Foldscope Day 2: Moth Wings and Fungal Sex Edition

In day 2 of foldscoping, I looked around the house for stuff I could put under the microscope.

Scales of Moth Wings

Here’s what a moth wing looks like under the foldscope 140X lens.

IMG_7158

And here’s what you’d see with your naked eye.

moth wing slide

The wing in question belonged to this moth. RIP. (Can anyone id the species?)

moth

I also took a few images using the high magnification lens (480X), to get an even closer look. I love that you can see individual scales. I also found a few filament-like strands near the edge of the wing, through which the light shimmers in interesting ways.

moth wing high mag

Here’s a video where I explore the wing under the 140X lens. This is neat because you can see how the parts all fit together in context. There are these (hollow?) tubes that serve as a structural frame for the wing, supporting it and giving it its rigidity (at least that’s my guess about their function).

Foldscoping Fungus

Next up, I found some kind of a fungus in some mud in the backyard.

fungus

Here’s a closer look where you can see the individual stalks. I think this is probably a rhizopus fungus.

fungus zoom

I took a paper slide with a piece of tape on it and gently pressed the fungus to the tape to collect some of it. Here’s what it looks like under the foldscope.

fungus spores foldscope

What’s cool is that you can actually see the heads of the fungus (the sporangium) packed with spores.. those are the products of fungal sex. These spores would be carried away by the wind, allowing the fungus to spread. I guess this is also the reason why mold seems to spontaneously generate in rotting food, fungal spores are flying around pretty much everywhere.

Here’s a video of me exploring this fungus under the foldscope (sorry, forgot to tilt the video before uploading).

Manu suggested on this thread that I might be able to improve the image quality by using a piece of paper or tape to diffuse the light, so I’ll try that out next.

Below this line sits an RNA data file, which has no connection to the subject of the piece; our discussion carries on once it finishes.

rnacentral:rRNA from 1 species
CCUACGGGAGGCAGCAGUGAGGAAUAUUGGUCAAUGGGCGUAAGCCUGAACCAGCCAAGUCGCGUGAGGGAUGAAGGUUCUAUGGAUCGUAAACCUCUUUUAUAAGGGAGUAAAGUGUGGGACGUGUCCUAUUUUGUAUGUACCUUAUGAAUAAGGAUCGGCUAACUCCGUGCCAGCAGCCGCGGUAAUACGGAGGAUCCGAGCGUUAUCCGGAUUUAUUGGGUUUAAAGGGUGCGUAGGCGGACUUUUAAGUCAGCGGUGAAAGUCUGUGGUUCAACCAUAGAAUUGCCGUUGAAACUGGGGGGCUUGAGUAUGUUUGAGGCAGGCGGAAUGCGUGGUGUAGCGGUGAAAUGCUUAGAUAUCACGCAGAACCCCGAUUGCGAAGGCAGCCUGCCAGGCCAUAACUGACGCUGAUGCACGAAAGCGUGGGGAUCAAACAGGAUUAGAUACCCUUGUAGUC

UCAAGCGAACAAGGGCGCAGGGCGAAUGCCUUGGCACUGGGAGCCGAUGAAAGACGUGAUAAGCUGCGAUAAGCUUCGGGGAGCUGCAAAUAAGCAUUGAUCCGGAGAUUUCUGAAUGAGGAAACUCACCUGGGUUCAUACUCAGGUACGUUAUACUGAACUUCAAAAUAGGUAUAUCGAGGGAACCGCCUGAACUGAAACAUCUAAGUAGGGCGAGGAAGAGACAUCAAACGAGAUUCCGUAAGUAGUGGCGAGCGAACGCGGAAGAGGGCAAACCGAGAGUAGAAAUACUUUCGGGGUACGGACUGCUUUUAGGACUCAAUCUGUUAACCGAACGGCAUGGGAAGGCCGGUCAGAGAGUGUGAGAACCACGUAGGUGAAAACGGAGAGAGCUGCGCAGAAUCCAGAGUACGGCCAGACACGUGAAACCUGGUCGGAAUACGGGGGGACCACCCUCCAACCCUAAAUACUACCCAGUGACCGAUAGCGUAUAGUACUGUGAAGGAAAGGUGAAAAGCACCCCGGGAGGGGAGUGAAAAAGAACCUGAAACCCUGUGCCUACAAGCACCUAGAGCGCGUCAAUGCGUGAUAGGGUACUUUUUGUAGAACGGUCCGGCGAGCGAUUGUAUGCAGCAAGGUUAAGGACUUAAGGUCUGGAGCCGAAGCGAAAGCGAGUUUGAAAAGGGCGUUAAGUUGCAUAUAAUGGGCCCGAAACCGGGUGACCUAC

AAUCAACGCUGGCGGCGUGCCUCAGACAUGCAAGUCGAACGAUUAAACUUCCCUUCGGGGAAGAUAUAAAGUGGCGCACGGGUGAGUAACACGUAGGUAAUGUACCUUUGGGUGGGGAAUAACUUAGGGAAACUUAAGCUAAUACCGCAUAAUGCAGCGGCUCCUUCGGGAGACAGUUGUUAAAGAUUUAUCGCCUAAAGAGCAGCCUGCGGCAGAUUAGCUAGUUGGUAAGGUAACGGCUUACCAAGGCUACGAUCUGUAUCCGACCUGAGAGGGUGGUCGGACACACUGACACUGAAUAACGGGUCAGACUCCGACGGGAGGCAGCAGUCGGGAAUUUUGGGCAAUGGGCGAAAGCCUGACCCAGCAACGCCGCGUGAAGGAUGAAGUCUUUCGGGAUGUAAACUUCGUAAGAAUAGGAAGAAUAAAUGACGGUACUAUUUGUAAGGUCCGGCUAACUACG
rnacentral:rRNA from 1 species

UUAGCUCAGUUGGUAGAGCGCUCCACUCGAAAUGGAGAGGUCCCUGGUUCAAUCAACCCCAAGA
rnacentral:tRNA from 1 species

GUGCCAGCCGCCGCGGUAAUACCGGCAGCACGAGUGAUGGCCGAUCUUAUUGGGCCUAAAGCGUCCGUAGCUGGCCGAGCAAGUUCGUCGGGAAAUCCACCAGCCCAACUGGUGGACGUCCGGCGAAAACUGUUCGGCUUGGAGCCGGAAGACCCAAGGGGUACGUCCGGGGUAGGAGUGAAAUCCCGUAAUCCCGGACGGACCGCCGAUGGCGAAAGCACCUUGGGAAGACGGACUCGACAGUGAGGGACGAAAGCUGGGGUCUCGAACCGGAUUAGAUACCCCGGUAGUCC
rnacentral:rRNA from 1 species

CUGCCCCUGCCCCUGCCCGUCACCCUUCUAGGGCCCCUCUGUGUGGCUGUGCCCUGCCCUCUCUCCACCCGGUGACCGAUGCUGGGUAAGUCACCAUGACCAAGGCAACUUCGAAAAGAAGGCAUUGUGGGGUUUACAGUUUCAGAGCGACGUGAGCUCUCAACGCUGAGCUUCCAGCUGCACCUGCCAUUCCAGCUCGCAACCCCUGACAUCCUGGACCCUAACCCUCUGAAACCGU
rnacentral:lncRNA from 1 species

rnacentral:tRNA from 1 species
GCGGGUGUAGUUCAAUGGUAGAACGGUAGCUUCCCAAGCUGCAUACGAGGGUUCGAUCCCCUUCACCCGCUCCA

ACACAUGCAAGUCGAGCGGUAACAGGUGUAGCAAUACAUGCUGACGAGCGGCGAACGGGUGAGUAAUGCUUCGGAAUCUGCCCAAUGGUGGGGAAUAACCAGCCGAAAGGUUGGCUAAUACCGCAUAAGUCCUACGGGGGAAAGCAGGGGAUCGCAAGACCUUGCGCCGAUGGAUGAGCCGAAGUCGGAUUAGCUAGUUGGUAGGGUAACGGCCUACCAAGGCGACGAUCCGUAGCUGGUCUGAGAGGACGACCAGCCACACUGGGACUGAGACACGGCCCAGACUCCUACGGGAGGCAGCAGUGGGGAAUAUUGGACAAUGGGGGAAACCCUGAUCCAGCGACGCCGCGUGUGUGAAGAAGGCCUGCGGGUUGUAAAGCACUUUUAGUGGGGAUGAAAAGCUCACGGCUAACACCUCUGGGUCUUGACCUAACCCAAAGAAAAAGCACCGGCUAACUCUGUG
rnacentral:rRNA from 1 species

Let me know what you think, and if this spurs any questions.

Foldscope Everything

It’s just been a few days of playing with the foldscope, but I’m already enjoying the shift in perspective that it helps create. You start to look at everything around you as something that you can zoom into, and you wonder what everyday things would look like on a microscopic level. I’m also enjoying the helpful community of microcosm explorers, enthusiasts, and curious foldscopers who are sharing their images, mods and tips, knowledge and ideas. Keep it coming!

4 Comments Add yours

  1. Manu Prakash says:

    Wonderful – if you have a front view of the moth; it might be easier to ID. I am very intrigued by the shimmer on those filaments. I have imaged a lot of scales – never seen one that shines like that. Did it have a macroscopic shimmer as well..

    The fungal spores are beautiful. Did you image them wet or dry. It’s always fun to share the context where you collect the samples – please do share some surrounding images. Are you in the open or this is your back yard:)

    Cheers
    Manu

  2. laksiyer says:

    This is great. I love the stability and image quality. Are those pieces of wood on which the fungus iis growing? This sporangium that you see is actually the asexual cycle. To observe the sexual cycle, look for two threads fusing together and a zygospore formed at the junction.. I think if you put a piece of wet bread next to it, you can observe a few more cycles of the fungus. Some of the best mycologists in the world are in India. C.V. Subramanian for example.
    http://www.currentscience.ac.in/Volumes/106/10/1438.pdf

  3. Manu Prakash says:

    @Laks: thanks for the pointer/correction Laks and for the CV. I read the same (I did not know about CVS before); and loved this sentence “there is only one science and that says it all ‘from smaller than the smallest to larger than the largest’.” – a true sentiment of science.

    Cheers
    Manu

  4. laksiyer says:

    My lepidopteran expert thinks it is common banded awl, a butterfly. Perhaps an upper wing shot might help to clarify. Coming to think of it, it would be interesting to study butterfly vs moth scales. Perhaps one can systematize how easy it is for the scales to come off using a setup that Eisner popularized. Will look up and describe.

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